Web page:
The study seeks to explore how blockchain technology enables the creation of new ideas for ventures and to examine the activities of founders and entrepreneurial teams in shaping those ideas. We adopted several theoretical frameworks – external enablers theory, dynamic capabilities (DCs), and dynamic managerial capabilities (DMCs) – to explain the interaction of the actor-independent and actor-dependent factors in the process of new firm formation. We analysed four Hungarian blockchain start-ups that operate across financial services, cryptocurrency trading, crypto asset management, energy, information technology, and identity industries and create high value-added and cross-industrial offerings for Hungarian and foreign markets. Using qualitative study research results, the study develops the model of external enablers, founders' and firm capabilities and new venture creation. We identify three interconnected external enablers – namely, market volatility associated with the growing popularity of cryptocurrencies and the underlying blockchain technology, the properties of blockchain, and the ideology behind the technology – and discuss the role of entrepreneurs' DMCs and sensing and seizing activities in discovering and shaping these enablers into profitable business ideas.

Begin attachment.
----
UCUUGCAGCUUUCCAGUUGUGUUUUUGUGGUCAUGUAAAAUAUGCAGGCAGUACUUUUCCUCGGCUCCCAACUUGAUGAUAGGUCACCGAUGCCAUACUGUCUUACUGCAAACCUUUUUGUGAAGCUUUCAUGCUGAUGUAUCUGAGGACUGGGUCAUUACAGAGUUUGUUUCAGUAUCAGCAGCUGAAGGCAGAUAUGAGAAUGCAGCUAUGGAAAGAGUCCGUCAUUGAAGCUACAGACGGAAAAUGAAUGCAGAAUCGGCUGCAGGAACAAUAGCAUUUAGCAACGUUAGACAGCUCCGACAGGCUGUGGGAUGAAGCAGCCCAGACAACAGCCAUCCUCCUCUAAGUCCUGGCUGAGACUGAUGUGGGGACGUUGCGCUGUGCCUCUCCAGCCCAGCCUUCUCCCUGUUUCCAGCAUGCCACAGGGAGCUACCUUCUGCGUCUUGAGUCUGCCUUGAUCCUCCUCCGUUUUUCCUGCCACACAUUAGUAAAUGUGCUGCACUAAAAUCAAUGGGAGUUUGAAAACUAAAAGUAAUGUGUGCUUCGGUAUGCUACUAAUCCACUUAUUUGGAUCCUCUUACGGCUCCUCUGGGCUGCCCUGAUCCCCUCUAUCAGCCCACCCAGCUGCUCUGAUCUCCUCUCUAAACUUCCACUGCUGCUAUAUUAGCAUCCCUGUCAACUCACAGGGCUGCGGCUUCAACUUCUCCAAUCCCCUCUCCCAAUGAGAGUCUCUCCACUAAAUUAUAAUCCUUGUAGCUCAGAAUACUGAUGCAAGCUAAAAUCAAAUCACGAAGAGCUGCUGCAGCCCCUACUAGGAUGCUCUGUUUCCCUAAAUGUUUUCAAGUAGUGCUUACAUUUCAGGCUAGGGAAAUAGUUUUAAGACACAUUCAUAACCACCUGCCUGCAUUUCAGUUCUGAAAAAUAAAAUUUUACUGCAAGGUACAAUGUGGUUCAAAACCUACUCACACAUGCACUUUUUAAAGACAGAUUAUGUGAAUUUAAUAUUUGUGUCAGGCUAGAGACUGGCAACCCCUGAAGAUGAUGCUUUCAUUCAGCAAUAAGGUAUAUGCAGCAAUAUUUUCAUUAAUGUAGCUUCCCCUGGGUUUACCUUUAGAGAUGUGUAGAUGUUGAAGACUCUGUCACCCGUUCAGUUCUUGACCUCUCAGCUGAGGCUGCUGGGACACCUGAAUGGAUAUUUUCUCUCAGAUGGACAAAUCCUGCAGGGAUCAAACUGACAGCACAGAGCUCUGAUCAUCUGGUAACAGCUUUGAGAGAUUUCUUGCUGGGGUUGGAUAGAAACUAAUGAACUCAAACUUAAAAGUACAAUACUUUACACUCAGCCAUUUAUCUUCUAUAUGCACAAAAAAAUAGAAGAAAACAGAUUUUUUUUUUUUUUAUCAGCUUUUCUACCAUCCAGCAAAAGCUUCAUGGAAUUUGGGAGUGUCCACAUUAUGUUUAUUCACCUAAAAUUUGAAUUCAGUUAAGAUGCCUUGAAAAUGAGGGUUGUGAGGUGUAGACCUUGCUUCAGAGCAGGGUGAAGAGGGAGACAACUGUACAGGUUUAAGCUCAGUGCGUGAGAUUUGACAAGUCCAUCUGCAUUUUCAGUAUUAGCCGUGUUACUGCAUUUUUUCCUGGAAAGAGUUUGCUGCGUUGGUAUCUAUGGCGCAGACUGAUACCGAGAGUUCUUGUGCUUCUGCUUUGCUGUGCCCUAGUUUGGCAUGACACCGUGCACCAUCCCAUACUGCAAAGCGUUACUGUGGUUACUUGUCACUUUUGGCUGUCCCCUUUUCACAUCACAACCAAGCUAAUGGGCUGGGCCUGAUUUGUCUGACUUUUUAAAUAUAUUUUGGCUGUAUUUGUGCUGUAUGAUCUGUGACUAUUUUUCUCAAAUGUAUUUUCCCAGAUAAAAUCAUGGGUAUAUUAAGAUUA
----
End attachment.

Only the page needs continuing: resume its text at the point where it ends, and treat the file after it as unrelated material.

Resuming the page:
The degree of digitalization and potential of growth in this sector are the new criteria that split the countries into various groups. The aim of this research is to find an easier and faster method of assessing the level of digitalization for countries, over different periods, having a sample 10 countries from Central and Eastern Europe. The research compares and groups these countries, determining the impact of four additional variables on their digitalization level. There were combined multiple analyses including comparative, cluster and panel analysis. As a result, we defined a new standardized indicator, named Digi-Index, which can be adapted for various time ranges, countries or study groups. Academic researchers or business practitioners can use the Digi-Index, the clusters and their characteristics to build development plans for the digital sector, based on each country's conditions, potential and influence factors.